Route 66, the iconic “Mother Road,” winds its way from Chicago, Illinois to Santa Monica, California. If you don’t have the time to drive the entire route, why not take on this icon of American transportation history in bite-sized pieces? We’re going to help you do just that with a series called Get Your Pics on Route 66 in hopes that you’ll capture some great memories and images as you explore this little slice of Americana. Here’s the Kansas installment:
Route 66 covers a grand total of 13 miles in Kansas. Lucky for us, it’s an entertaining 13 miles! Take a look at what you can see and do along America’s Main Street in the Sunflower State.
Our first stop inside the Kansas state border is the small town of Galena. Cars on the Route is a snack and souvenir shop housed in the former Kan-O-Tex Service Station that once provided fuel to all those original Route 66 Kansas travelers. Sitting outside the building is a 1951 International tow truck that might look familiar—it’s Kansas’ version of “Tow Mater” from the movie “Cars.” Venture indoors for a lunch treat and chat with one of the four women who run this establishment to hear some great stories.
As you drive through the small downtown district of Galena, note the many old buildings that are undergoing various stages of renovation. In its heyday, this small community was the home to over 30,000 residents. It has since dwindled to 3,000, but the town seems to be experiencing a rejuvenation of sorts—and its history with Route 66 is definitely contributing to its growth.
Before you head out of town, be sure to stop by the historic Missouri-Kansas-Texas Railroad depot, now known as the Galena Mining and Historical Museum. There you’ll learn about the area’s rich mining history and enjoy seeing a bit of transportation history as well, with the collection of Model T and Model A automobiles in the garage. Just imagine those vehicles cruising down Route 66 in the early years of the highway!
Follow old Route 66 west to Riverton, Kansas and the Eisler Brothers Old Riverton Store. Opened in 1925, this food market has been continually operating since before The Route was established. It’s still a great place to pick up some supplies, grab a deli sandwich, and purchase some Mother Road souvenirs.
Continuing west out of Riverton will lead you to US 69 Alternate and Beasley Road, where you’ll find the only remaining “Rainbow Bridge” of three that were on Route 66. Known as the Marsh Arch Bridge or Brush Creek Bridge, it was designed by James Barney Marsh and constructed in 1923. After the decommissioning of The Route, graffiti artists used the structure as their pallet, but in recent years it has been restored to its former grandeur, and one-way traffic still passes over it. Now it’s your turn to drive over this piece of American history.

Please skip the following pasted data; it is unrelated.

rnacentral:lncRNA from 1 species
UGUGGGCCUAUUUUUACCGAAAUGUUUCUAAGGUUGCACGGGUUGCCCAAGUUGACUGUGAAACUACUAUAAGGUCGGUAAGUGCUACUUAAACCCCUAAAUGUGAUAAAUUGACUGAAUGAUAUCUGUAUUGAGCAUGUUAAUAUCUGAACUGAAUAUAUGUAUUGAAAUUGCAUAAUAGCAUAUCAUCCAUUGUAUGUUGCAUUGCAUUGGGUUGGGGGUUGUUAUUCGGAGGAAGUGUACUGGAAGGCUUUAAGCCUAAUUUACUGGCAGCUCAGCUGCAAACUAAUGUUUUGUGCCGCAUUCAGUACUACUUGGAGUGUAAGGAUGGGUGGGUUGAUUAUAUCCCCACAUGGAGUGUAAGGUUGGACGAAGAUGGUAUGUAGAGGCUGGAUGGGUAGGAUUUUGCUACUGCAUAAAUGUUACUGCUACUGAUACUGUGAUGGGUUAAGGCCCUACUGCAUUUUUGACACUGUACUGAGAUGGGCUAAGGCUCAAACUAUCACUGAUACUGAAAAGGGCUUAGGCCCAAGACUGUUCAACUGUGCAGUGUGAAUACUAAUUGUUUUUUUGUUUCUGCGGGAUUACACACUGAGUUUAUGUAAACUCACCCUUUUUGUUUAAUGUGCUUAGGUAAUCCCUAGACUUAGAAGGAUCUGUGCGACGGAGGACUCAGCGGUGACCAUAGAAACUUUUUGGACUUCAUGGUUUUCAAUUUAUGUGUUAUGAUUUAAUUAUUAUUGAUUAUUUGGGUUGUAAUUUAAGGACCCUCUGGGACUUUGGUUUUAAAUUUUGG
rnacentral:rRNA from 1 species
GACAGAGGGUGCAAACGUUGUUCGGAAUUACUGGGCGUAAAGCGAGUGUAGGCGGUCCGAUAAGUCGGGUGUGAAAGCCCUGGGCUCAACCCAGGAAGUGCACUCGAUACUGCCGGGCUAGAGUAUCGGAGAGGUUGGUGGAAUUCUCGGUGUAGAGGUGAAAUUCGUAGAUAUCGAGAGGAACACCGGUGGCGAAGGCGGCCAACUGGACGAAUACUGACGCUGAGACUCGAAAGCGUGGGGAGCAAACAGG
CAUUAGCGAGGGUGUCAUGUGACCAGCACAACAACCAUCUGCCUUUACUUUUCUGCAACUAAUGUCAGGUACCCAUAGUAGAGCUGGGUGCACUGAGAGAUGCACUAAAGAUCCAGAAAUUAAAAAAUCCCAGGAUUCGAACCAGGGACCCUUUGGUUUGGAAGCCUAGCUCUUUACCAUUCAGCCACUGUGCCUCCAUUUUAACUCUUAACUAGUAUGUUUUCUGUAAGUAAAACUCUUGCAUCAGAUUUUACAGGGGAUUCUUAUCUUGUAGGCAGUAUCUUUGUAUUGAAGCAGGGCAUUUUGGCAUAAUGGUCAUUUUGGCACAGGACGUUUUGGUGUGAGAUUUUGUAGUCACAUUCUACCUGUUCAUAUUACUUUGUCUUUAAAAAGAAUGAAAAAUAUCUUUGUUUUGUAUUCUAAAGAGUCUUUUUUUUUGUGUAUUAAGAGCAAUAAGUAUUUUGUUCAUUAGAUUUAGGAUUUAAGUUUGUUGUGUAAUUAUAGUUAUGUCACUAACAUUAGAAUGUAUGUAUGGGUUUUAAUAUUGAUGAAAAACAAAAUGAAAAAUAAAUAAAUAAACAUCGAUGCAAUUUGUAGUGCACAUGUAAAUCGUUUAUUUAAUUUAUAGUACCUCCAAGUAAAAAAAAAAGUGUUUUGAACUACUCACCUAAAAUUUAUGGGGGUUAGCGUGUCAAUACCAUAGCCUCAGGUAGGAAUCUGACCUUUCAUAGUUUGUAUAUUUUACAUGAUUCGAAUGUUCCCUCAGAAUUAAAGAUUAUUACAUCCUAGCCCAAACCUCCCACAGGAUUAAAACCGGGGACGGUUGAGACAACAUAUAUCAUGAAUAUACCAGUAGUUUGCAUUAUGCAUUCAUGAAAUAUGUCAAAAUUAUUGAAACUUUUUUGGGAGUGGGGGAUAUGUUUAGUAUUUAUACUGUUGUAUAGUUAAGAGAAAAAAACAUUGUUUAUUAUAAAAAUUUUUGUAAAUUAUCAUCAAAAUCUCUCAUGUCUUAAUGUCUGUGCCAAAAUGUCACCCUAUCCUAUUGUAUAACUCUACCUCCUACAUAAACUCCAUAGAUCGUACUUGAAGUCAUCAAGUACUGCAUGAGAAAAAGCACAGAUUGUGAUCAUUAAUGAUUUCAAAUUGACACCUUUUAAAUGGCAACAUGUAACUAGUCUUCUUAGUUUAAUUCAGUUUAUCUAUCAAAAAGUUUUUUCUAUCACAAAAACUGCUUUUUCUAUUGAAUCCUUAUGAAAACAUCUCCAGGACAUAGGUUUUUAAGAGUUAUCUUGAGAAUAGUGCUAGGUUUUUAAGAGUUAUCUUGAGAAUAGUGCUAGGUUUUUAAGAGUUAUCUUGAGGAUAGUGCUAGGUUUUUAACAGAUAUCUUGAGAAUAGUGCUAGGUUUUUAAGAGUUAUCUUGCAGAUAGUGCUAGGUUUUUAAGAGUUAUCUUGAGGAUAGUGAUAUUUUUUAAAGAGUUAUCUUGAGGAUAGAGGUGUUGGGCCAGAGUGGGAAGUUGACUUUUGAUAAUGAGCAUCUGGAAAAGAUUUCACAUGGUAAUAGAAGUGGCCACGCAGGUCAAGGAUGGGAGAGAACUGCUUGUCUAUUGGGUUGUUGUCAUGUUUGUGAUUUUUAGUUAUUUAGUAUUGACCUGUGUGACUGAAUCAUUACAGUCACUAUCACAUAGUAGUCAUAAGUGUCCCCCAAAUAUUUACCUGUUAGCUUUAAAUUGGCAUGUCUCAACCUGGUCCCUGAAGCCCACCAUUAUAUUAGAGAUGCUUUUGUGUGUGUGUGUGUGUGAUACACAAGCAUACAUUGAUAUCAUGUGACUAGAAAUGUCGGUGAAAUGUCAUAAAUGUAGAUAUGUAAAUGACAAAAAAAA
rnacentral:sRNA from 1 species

Once past the Rainbow Bridge the road curves to the south, where you will enter the community of Baxter Springs. Your first stop should be the restored Phillips 66 station at 940 Military Avenue. Built in the cottage style that is so reminiscent of the 1930s, this relic is not only a survivor of Route 66, but has now become the official Visitors Center for Baxter Springs.
The building at 1101 Military Avenue was home to the Crowell Bank. Jesse James and Cole Younger robbed the bank in 1876, and in its more recent reincarnation, the structure housed one of the most popular restaurants along the Mother Road—Café on the Route. The restaurant was even featured on Food Network’s popular “Diners, Drive-Ins and Dives” show, but was closed in 2015.
But if your hunger does not abate, just down the block lies a heavenly substitute for the lost restaurants along old Route 66. Give “Angels on the Route” a try, especially if you’re in the mood for Rueben sandwiches and homemade desserts! Located in a former dry goods store, the eatery offers made-to-order omelettes and other breakfast selections, along with a full soup and sandwich menu for lunch.
One last look around downtown will tell you that Baxter Springs was a magnet for bank robbers back in the day. Not only did the James Gang make off with some loot, but Bonnie & Clyde and Henry Star also frequented the area, making rather large withdrawals, as noted on several historic plaques along Main Street (Military Avenue). These days I think the town is hoping Route 66 enthusiasts take only great images and memories of a satisfying visit with them when they leave.
Follow Along More of Route 66
You have now conquered 13 miles of Kansas transportation history! But there’s more of Route 66 to see, so be sure to join us driving through each state by following the links below. In the meantime, why not find your own adventure along the Mother Road in a motorhome or travel trailer from Camping World?
You can drive the rest of Route 66 with our other “Get Your Pics on Route 66” articles. Read the entire series.